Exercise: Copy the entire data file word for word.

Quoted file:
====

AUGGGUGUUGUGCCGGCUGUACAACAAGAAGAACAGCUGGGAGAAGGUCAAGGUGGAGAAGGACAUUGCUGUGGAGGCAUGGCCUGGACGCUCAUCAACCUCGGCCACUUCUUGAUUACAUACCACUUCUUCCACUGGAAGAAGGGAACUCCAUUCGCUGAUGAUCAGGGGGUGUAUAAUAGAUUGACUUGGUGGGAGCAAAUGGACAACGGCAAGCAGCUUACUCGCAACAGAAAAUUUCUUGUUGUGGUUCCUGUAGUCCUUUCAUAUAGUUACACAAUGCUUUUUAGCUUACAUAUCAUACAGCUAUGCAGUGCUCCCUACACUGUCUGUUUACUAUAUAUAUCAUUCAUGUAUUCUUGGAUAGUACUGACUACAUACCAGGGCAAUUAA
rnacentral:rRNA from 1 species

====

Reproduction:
AUGGGUGUUGUGCCGGCUGUACAACAAGAAGAACAGCUGGGAGAAGGUCAAGGUGGAGAAGGACAUUGCUGUGGAGGCAUGGCCUGGACGCUCAUCAACCUCGGCCACUUCUUGAUUACAUACCACUUCUUCCACUGGAAGAAGGGAACUCCAUUCGCUGAUGAUCAGGGGGUGUAUAAUAGAUUGACUUGGUGGGAGCAAAUGGACAACGGCAAGCAGCUUACUCGCAACAGAAAAUUUCUUGUUGUGGUUCCUGUAGUCCUUUCAUAUAGUUACACAAUGCUUUUUAGCUUACAUAUCAUACAGCUAUGCAGUGCUCCCUACACUGUCUGUUUACUAUAUAUAUCAUUCAUGUAUUCUUGGAUAGUACUGACUACAUACCAGGGCAAUUAA
rnacentral:rRNA from 1 species